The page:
RE: [mythsoc] Shoddy Lands (was: C.S. Lewis and God)
- Well, it's not the most charismatic take on the subject, but I think it
gives a telling insight into the real personality of this writer so many of
us worship so. He's not Professor Tolkien, not by a long shot. Leaf by
Niggle (Tolkien's tale) is, I think, a much more compassionate take on
Also I must confess that I can relate way too well to the one I think he
called Rainbo or some such awful thing.
Lizzie the Flirt, who doesn't think that it would have been much fun to
flirt with Prof. Lewis.
Elizabeth Apgar Triano
amor vincit omnia
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> [Original Message]was
> From: <SusanPal@...>
> To: <firstname.lastname@example.org>
> Date: 9/13/2004 5:05:23 PM
> Subject: [mythsoc] Shoddy Lands (was: C.S. Lewis and God)
> In a message dated 9/13/2004 1:59:42 PM Pacific Standard Time,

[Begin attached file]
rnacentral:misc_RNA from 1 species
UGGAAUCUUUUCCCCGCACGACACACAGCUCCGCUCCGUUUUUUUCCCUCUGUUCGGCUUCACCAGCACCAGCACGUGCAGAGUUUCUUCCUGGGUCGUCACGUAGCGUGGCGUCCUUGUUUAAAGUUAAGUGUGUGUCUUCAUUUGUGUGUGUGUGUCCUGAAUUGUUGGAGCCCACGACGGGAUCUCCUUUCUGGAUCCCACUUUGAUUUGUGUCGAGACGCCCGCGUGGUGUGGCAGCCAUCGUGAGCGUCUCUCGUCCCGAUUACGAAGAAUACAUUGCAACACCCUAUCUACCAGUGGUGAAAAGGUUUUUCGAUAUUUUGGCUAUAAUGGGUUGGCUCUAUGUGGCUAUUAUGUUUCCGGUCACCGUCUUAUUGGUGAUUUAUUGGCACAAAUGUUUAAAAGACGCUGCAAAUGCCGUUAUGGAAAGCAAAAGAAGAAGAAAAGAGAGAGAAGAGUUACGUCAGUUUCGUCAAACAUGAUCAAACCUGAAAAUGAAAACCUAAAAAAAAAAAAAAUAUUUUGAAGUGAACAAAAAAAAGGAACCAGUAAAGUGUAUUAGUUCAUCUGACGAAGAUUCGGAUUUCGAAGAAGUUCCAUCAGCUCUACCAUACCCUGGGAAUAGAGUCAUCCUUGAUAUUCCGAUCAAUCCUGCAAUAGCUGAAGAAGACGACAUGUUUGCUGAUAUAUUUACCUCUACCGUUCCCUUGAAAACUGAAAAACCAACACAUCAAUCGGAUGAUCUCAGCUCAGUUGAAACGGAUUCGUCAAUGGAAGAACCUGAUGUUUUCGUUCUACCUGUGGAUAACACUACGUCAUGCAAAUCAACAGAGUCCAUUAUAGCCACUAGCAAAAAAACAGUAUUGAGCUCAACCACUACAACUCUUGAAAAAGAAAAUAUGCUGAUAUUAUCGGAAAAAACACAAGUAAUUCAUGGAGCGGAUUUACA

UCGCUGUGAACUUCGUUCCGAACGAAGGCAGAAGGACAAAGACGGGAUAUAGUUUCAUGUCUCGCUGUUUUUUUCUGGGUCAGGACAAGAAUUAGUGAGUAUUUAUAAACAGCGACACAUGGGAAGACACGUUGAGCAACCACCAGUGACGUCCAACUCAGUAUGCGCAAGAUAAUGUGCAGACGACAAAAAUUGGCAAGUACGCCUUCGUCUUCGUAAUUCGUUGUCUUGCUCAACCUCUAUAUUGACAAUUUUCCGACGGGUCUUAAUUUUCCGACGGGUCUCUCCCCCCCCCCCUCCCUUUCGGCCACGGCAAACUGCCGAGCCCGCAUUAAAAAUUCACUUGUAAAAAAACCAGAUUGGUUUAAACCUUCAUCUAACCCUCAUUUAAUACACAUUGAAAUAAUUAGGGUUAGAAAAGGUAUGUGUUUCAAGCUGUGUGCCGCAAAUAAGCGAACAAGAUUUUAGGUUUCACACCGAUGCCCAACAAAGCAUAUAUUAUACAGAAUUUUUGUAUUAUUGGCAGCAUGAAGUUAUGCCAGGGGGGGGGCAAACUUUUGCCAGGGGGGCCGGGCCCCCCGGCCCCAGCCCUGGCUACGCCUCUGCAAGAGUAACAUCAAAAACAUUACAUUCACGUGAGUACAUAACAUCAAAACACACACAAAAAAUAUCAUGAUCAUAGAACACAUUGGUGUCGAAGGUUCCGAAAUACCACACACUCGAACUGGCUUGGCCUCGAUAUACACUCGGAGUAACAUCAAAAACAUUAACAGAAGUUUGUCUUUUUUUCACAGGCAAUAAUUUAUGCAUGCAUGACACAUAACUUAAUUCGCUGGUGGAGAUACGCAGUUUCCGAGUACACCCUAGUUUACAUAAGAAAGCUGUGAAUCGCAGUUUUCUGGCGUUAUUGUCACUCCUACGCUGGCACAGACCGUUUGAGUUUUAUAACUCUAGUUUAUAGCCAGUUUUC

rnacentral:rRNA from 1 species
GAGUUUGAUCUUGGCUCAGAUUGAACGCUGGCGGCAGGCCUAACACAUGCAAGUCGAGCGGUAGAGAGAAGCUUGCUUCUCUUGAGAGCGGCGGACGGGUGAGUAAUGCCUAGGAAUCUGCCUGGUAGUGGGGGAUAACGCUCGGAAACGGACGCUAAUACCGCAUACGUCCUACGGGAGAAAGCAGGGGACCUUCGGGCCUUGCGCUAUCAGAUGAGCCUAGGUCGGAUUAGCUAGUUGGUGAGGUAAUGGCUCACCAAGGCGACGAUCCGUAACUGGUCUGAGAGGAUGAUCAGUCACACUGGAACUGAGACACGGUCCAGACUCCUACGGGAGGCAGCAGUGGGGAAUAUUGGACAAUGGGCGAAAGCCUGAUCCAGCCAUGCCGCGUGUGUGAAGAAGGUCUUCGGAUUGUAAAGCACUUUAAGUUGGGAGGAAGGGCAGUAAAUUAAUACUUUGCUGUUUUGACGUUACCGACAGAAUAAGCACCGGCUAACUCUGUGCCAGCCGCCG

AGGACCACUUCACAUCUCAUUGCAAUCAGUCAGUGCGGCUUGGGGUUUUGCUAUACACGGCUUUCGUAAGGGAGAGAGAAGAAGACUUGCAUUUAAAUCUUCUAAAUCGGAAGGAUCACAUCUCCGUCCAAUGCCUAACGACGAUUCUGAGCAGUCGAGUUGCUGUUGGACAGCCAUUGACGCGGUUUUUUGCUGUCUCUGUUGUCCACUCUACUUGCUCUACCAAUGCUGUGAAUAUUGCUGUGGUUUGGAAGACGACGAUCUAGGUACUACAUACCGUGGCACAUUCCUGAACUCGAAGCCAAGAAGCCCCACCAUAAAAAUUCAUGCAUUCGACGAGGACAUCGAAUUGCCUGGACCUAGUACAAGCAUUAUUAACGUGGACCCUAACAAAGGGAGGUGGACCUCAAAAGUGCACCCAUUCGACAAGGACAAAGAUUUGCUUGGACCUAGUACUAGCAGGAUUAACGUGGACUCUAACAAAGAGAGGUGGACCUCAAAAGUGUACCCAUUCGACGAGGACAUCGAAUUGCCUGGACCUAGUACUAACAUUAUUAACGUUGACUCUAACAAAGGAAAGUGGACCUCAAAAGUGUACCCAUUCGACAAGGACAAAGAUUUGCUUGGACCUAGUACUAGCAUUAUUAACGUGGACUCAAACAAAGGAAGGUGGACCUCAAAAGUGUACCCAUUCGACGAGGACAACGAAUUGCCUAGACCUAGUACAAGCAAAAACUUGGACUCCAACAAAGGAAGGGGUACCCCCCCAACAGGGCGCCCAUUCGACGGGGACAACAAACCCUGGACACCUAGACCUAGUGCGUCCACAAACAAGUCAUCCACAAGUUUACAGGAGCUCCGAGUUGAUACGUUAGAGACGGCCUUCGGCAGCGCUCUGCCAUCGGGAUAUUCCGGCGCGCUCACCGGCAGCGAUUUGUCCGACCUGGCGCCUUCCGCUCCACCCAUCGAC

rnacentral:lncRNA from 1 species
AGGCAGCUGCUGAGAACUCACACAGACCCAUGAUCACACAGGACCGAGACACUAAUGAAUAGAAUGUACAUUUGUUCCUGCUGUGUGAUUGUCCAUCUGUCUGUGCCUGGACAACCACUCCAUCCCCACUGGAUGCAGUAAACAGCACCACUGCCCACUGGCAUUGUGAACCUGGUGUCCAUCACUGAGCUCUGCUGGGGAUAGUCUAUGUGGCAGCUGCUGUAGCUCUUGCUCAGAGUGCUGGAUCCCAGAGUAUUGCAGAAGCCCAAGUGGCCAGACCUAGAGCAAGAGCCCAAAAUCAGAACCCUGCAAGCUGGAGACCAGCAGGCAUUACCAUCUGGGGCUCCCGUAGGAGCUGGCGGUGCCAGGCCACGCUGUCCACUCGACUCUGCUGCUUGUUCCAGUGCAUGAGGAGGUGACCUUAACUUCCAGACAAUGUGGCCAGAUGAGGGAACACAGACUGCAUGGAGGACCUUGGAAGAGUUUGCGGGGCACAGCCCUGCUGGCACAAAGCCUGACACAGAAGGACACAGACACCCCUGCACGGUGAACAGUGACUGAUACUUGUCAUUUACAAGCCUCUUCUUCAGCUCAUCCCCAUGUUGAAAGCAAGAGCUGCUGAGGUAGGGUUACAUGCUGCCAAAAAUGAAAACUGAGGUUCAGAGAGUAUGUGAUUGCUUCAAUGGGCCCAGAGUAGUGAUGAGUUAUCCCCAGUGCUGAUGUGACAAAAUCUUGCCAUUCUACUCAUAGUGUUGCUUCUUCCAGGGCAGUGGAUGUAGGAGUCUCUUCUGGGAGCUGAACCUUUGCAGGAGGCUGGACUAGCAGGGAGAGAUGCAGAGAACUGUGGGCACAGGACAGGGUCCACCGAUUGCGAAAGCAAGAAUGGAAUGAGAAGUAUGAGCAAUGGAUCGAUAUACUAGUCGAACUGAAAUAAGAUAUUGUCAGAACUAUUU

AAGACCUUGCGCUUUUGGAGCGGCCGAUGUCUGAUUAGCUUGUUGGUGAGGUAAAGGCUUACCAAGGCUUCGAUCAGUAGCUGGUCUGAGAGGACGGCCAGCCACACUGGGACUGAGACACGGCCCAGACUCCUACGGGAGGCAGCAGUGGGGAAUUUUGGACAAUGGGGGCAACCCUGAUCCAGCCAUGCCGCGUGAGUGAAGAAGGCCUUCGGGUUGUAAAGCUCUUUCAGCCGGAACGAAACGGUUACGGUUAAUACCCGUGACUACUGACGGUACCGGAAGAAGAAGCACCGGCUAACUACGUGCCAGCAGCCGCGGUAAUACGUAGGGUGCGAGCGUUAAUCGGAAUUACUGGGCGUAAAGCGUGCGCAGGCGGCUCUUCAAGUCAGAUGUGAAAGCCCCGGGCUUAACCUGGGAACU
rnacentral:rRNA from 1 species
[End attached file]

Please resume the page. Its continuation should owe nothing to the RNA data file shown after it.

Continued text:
> lizziewriter@... writes:
> "And if you get a chance to read _The Shoddy Lands_, which I believe is a
> short story, you might enjoy that one as well."
> Warning: I found this story horribly misogynistic (and when I read it, I
> much younger and less feminist than I am now). Perhaps I was missingmaking fun of
> something; I've read some internet analyses suggesting that Lewis was
> the misogyny of the main character, but that wasn't at all my take on it.
> What do other people think of this story?
> [Non-text portions of this message have been removed]
> The Mythopoeic Society website http://www.mythsoc.org
> Yahoo! Groups Links
- "dianejoy@..." wrote:
> It's interesting too that the last line says something like "What if"If I were not the explorer but the explored?" (still
> someone were to look into my mind?" [not an exact quote.]
paraphrasing, but I think that's closer)
> But the mostYes! That's the passage that, every time, literally makes my
> disturbing part for me was the knocking on the outside, and the voice
> saying "Child, let me in before the night comes." That image stuck with me
> far longer than any of the others. ---djb